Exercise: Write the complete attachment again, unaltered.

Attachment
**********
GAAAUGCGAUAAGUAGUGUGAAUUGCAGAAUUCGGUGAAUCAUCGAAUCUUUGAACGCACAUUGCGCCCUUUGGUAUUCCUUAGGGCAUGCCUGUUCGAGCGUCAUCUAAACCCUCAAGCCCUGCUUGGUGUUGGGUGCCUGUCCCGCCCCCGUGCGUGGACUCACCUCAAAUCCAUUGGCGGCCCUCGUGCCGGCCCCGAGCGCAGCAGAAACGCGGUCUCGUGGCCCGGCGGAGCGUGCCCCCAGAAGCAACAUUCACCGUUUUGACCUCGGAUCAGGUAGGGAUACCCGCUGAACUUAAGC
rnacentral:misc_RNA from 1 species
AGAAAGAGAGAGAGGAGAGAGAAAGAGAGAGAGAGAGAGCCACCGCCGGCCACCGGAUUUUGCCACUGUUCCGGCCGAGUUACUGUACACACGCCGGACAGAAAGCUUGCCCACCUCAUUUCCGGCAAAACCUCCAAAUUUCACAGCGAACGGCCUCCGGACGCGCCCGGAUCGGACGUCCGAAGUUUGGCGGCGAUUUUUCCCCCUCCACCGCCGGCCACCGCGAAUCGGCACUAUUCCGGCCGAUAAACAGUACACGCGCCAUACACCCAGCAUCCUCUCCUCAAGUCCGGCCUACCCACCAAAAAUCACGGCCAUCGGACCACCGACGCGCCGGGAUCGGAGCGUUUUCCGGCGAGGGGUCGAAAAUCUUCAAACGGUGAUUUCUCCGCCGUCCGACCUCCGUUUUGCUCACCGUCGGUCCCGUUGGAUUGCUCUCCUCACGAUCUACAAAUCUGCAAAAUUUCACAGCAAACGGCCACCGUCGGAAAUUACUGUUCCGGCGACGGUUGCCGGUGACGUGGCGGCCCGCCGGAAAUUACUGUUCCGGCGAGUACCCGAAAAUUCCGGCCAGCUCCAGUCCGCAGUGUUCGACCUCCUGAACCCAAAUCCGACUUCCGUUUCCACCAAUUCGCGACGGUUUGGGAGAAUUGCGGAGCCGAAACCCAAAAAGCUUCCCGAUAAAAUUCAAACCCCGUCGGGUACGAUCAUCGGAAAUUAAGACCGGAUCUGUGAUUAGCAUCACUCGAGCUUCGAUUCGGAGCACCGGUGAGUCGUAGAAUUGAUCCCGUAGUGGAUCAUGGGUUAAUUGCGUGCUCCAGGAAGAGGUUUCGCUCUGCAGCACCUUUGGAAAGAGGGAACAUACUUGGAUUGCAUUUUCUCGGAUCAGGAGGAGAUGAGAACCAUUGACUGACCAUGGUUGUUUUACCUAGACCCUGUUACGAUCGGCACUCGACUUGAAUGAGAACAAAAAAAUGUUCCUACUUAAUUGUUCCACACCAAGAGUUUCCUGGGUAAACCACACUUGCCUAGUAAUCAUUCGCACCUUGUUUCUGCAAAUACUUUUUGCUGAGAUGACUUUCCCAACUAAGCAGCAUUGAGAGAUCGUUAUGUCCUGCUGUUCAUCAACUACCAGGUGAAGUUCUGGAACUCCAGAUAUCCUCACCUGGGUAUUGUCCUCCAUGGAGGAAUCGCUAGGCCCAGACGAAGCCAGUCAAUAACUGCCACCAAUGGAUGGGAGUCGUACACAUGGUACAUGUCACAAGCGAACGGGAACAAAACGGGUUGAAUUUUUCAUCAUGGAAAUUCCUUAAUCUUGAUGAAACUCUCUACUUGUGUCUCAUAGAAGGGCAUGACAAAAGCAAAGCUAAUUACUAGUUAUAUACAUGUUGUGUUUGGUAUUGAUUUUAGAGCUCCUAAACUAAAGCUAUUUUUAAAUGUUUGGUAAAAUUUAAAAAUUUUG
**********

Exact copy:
GAAAUGCGAUAAGUAGUGUGAAUUGCAGAAUUCGGUGAAUCAUCGAAUCUUUGAACGCACAUUGCGCCCUUUGGUAUUCCUUAGGGCAUGCCUGUUCGAGCGUCAUCUAAACCCUCAAGCCCUGCUUGGUGUUGGGUGCCUGUCCCGCCCCCGUGCGUGGACUCACCUCAAAUCCAUUGGCGGCCCUCGUGCCGGCCCCGAGCGCAGCAGAAACGCGGUCUCGUGGCCCGGCGGAGCGUGCCCCCAGAAGCAACAUUCACCGUUUUGACCUCGGAUCAGGUAGGGAUACCCGCUGAACUUAAGC
rnacentral:misc_RNA from 1 species
AGAAAGAGAGAGAGGAGAGAGAAAGAGAGAGAGAGAGAGCCACCGCCGGCCACCGGAUUUUGCCACUGUUCCGGCCGAGUUACUGUACACACGCCGGACAGAAAGCUUGCCCACCUCAUUUCCGGCAAAACCUCCAAAUUUCACAGCGAACGGCCUCCGGACGCGCCCGGAUCGGACGUCCGAAGUUUGGCGGCGAUUUUUCCCCCUCCACCGCCGGCCACCGCGAAUCGGCACUAUUCCGGCCGAUAAACAGUACACGCGCCAUACACCCAGCAUCCUCUCCUCAAGUCCGGCCUACCCACCAAAAAUCACGGCCAUCGGACCACCGACGCGCCGGGAUCGGAGCGUUUUCCGGCGAGGGGUCGAAAAUCUUCAAACGGUGAUUUCUCCGCCGUCCGACCUCCGUUUUGCUCACCGUCGGUCCCGUUGGAUUGCUCUCCUCACGAUCUACAAAUCUGCAAAAUUUCACAGCAAACGGCCACCGUCGGAAAUUACUGUUCCGGCGACGGUUGCCGGUGACGUGGCGGCCCGCCGGAAAUUACUGUUCCGGCGAGUACCCGAAAAUUCCGGCCAGCUCCAGUCCGCAGUGUUCGACCUCCUGAACCCAAAUCCGACUUCCGUUUCCACCAAUUCGCGACGGUUUGGGAGAAUUGCGGAGCCGAAACCCAAAAAGCUUCCCGAUAAAAUUCAAACCCCGUCGGGUACGAUCAUCGGAAAUUAAGACCGGAUCUGUGAUUAGCAUCACUCGAGCUUCGAUUCGGAGCACCGGUGAGUCGUAGAAUUGAUCCCGUAGUGGAUCAUGGGUUAAUUGCGUGCUCCAGGAAGAGGUUUCGCUCUGCAGCACCUUUGGAAAGAGGGAACAUACUUGGAUUGCAUUUUCUCGGAUCAGGAGGAGAUGAGAACCAUUGACUGACCAUGGUUGUUUUACCUAGACCCUGUUACGAUCGGCACUCGACUUGAAUGAGAACAAAAAAAUGUUCCUACUUAAUUGUUCCACACCAAGAGUUUCCUGGGUAAACCACACUUGCCUAGUAAUCAUUCGCACCUUGUUUCUGCAAAUACUUUUUGCUGAGAUGACUUUCCCAACUAAGCAGCAUUGAGAGAUCGUUAUGUCCUGCUGUUCAUCAACUACCAGGUGAAGUUCUGGAACUCCAGAUAUCCUCACCUGGGUAUUGUCCUCCAUGGAGGAAUCGCUAGGCCCAGACGAAGCCAGUCAAUAACUGCCACCAAUGGAUGGGAGUCGUACACAUGGUACAUGUCACAAGCGAACGGGAACAAAACGGGUUGAAUUUUUCAUCAUGGAAAUUCCUUAAUCUUGAUGAAACUCUCUACUUGUGUCUCAUAGAAGGGCAUGACAAAAGCAAAGCUAAUUACUAGUUAUAUACAUGUUGUGUUUGGUAUUGAUUUUAGAGCUCCUAAACUAAAGCUAUUUUUAAAUGUUUGGUAAAAUUUAAAAAUUUUG